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Torah Attitude: Parashas Devarim/Shabbos Chazon, Do we really want Mashiach to come?
The coming Shabbos is known as Shabbos Chazon. Moses reviews the various incidents that the Jewish people went through during their sojourn in the wilderness and rebukes them for all their shortcomings and transgressions. The Hebrew word that Moses used when he said "how can I carry alone" is "eichah". "How did all of this come about?" Right from our beginning as a nation, we had shortcomings that slowly developed and grew, like a seed or a root below the surface that slowly but surely grows and brings forth its toxic resins. How can a person mourn a close relative he never met? We are similar to the parable of the wife of the farmer. We find ourselves as part of the Jewish people at large facing many physical dangers and perils. From a spiritual point of view, our situation is no better with problems of assimilation and intermarriage. We mourn during this three weeks' period and throughout the Nine Days up to Tisha B'Av.
We are in the middle of the three weeks of mourning for the destruction of the Temple and the long and bitter exile that we still suffer from. The coming Shabbos is known as Shabbos Chazon. This is due to the special Haftorah that we read on this Shabbos before the Fast of Tisha B'Av that starts with the words: "Chazon Yishayahoo" (Isaiah).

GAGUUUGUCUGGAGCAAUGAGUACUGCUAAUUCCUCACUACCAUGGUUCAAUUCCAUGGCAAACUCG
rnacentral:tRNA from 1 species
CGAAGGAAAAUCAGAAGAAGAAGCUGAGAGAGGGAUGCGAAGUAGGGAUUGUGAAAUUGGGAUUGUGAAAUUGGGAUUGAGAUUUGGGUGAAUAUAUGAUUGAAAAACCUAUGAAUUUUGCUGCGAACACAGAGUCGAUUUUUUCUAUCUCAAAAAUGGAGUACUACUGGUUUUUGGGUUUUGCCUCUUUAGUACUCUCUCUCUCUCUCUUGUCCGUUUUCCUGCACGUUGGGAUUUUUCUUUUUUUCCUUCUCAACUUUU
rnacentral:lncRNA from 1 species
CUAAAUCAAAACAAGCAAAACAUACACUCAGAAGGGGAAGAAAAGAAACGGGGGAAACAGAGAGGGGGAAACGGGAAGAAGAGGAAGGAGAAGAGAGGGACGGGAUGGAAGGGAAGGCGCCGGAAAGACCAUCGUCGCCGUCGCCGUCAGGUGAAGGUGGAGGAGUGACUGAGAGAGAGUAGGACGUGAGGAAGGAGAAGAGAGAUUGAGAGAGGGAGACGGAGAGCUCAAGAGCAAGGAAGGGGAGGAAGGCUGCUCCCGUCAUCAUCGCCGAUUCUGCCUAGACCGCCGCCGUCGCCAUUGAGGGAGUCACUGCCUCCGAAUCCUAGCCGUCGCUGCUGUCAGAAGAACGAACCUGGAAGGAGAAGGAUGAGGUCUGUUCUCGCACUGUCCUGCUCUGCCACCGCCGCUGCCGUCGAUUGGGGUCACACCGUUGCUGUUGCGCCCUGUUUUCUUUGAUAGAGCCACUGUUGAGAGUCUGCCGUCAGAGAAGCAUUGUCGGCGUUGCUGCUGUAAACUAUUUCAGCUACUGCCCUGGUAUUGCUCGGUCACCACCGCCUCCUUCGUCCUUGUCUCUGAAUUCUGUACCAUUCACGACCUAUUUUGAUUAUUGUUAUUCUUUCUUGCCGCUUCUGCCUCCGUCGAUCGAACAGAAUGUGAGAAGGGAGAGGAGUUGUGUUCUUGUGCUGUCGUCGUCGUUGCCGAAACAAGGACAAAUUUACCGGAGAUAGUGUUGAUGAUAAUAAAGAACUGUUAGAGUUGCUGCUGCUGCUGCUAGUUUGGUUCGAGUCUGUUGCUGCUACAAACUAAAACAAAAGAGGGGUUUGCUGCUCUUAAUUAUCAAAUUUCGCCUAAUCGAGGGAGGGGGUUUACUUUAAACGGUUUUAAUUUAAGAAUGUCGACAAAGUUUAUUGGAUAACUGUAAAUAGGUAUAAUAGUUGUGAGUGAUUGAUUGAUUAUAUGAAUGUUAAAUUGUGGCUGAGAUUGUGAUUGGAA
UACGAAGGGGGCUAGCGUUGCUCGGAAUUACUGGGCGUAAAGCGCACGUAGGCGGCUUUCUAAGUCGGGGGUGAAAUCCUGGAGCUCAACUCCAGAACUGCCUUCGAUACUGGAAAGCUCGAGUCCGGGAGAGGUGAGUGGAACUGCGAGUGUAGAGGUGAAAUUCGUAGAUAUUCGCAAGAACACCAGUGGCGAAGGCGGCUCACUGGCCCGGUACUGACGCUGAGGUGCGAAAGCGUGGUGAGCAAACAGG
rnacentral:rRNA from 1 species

Every year we read Parashas Devarim on Shabbos Chazon. In the beginning of this Parasha, Moses reviews the various incidents that the Jewish people went through during their sojourn in the wilderness and rebukes them for all their shortcomings and transgressions. Some of the incidents Moses refers to only with a hint. Other incidents he discusses in more detail. He further relates to the Jewish people how difficult it has been to be their leader and says (Devarim 1:9-13): "And I said to you … I cannot carry you alone. HASHEM your G'd has multiplied you, and you are today like the stars of the heavens … How can I carry alone your bother, your disputes and your quarrels? Bring yourselves men, scholars who are wise and understanding … and I will appoint them over you."